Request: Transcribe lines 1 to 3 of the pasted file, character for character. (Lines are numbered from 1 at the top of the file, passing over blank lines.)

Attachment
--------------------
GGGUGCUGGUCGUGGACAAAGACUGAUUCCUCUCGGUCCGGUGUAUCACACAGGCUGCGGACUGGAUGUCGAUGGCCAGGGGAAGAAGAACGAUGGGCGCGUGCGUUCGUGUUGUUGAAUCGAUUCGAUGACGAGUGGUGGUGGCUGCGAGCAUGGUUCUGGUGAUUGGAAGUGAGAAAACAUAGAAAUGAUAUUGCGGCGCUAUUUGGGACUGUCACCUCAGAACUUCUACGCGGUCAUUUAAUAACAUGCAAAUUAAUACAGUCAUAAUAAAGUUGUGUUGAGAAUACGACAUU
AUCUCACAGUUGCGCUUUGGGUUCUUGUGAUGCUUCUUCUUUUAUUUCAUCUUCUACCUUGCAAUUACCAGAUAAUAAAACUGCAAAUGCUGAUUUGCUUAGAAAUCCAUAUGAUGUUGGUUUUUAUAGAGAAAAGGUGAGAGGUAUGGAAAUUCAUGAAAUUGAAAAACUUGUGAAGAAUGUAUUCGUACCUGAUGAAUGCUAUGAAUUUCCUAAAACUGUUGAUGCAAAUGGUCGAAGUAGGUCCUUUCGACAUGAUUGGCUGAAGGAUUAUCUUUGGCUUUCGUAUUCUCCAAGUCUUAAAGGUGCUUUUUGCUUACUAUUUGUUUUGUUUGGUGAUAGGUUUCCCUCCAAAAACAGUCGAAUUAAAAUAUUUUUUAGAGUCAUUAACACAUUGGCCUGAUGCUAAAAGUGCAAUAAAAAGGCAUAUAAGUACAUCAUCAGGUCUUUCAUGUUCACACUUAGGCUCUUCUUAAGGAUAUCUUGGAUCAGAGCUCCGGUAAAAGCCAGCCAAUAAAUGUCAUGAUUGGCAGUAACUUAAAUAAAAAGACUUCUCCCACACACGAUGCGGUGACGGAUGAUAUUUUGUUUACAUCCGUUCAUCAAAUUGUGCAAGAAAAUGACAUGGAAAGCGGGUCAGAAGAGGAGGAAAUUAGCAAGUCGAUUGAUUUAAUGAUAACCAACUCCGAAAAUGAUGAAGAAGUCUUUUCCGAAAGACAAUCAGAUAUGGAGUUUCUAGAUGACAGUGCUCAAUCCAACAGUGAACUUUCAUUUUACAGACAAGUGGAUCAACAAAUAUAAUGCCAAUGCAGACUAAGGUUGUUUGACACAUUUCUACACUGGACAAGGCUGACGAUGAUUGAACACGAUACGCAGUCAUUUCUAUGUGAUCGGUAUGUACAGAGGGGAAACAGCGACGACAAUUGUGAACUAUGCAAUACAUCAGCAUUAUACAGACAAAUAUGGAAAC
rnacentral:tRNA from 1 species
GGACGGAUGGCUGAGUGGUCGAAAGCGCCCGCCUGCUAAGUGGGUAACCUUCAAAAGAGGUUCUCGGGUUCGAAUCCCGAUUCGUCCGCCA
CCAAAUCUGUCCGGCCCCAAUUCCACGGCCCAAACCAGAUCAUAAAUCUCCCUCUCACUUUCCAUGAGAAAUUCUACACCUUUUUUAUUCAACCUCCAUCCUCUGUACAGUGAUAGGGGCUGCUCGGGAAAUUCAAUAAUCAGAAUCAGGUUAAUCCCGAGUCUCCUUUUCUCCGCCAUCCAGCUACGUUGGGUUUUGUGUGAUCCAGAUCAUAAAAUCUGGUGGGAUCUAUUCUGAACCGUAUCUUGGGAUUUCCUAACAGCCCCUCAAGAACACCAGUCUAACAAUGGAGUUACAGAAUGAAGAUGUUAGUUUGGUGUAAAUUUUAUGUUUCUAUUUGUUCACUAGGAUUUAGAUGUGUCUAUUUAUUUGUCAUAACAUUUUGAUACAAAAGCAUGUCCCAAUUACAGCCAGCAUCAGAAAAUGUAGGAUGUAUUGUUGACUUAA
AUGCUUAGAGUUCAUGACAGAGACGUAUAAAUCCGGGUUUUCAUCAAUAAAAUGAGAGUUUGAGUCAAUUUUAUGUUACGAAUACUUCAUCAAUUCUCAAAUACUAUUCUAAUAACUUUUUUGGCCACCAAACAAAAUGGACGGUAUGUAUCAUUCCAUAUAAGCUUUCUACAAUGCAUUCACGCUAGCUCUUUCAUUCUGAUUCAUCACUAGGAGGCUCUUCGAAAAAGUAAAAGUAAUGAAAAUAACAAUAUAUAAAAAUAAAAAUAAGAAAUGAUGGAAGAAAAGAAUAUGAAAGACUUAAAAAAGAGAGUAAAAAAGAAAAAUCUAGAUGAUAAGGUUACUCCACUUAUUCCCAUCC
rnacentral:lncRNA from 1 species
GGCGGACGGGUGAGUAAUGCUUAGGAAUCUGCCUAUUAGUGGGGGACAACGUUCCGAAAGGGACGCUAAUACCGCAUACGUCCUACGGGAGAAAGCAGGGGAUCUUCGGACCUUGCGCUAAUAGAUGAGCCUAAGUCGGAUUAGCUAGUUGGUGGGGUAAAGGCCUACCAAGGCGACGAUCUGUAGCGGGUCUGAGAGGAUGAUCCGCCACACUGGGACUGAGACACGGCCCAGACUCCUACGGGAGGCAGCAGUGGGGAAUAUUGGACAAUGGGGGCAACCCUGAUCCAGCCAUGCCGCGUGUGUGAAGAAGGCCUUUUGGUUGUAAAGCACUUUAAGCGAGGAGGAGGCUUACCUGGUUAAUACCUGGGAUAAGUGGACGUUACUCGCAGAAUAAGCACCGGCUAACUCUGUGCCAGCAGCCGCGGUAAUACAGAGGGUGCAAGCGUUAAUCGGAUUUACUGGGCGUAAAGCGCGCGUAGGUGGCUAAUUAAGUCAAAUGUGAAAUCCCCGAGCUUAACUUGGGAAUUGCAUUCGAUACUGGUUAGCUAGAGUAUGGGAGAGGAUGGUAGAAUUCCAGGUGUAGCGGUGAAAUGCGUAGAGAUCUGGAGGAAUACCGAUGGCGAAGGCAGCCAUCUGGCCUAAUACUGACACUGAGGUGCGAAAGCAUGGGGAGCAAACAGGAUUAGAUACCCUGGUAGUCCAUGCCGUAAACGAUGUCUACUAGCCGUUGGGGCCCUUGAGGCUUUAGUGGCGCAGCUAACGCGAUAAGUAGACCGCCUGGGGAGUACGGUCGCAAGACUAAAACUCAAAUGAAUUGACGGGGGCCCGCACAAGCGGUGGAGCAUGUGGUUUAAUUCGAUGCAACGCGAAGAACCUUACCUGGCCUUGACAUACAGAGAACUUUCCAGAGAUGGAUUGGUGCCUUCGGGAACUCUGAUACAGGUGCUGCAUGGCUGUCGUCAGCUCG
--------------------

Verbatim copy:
GGGUGCUGGUCGUGGACAAAGACUGAUUCCUCUCGGUCCGGUGUAUCACACAGGCUGCGGACUGGAUGUCGAUGGCCAGGGGAAGAAGAACGAUGGGCGCGUGCGUUCGUGUUGUUGAAUCGAUUCGAUGACGAGUGGUGGUGGCUGCGAGCAUGGUUCUGGUGAUUGGAAGUGAGAAAACAUAGAAAUGAUAUUGCGGCGCUAUUUGGGACUGUCACCUCAGAACUUCUACGCGGUCAUUUAAUAACAUGCAAAUUAAUACAGUCAUAAUAAAGUUGUGUUGAGAAUACGACAUU
AUCUCACAGUUGCGCUUUGGGUUCUUGUGAUGCUUCUUCUUUUAUUUCAUCUUCUACCUUGCAAUUACCAGAUAAUAAAACUGCAAAUGCUGAUUUGCUUAGAAAUCCAUAUGAUGUUGGUUUUUAUAGAGAAAAGGUGAGAGGUAUGGAAAUUCAUGAAAUUGAAAAACUUGUGAAGAAUGUAUUCGUACCUGAUGAAUGCUAUGAAUUUCCUAAAACUGUUGAUGCAAAUGGUCGAAGUAGGUCCUUUCGACAUGAUUGGCUGAAGGAUUAUCUUUGGCUUUCGUAUUCUCCAAGUCUUAAAGGUGCUUUUUGCUUACUAUUUGUUUUGUUUGGUGAUAGGUUUCCCUCCAAAAACAGUCGAAUUAAAAUAUUUUUUAGAGUCAUUAACACAUUGGCCUGAUGCUAAAAGUGCAAUAAAAAGGCAUAUAAGUACAUCAUCAGGUCUUUCAUGUUCACACUUAGGCUCUUCUUAAGGAUAUCUUGGAUCAGAGCUCCGGUAAAAGCCAGCCAAUAAAUGUCAUGAUUGGCAGUAACUUAAAUAAAAAGACUUCUCCCACACACGAUGCGGUGACGGAUGAUAUUUUGUUUACAUCCGUUCAUCAAAUUGUGCAAGAAAAUGACAUGGAAAGCGGGUCAGAAGAGGAGGAAAUUAGCAAGUCGAUUGAUUUAAUGAUAACCAACUCCGAAAAUGAUGAAGAAGUCUUUUCCGAAAGACAAUCAGAUAUGGAGUUUCUAGAUGACAGUGCUCAAUCCAACAGUGAACUUUCAUUUUACAGACAAGUGGAUCAACAAAUAUAAUGCCAAUGCAGACUAAGGUUGUUUGACACAUUUCUACACUGGACAAGGCUGACGAUGAUUGAACACGAUACGCAGUCAUUUCUAUGUGAUCGGUAUGUACAGAGGGGAAACAGCGACGACAAUUGUGAACUAUGCAAUACAUCAGCAUUAUACAGACAAAUAUGGAAAC
rnacentral:tRNA from 1 species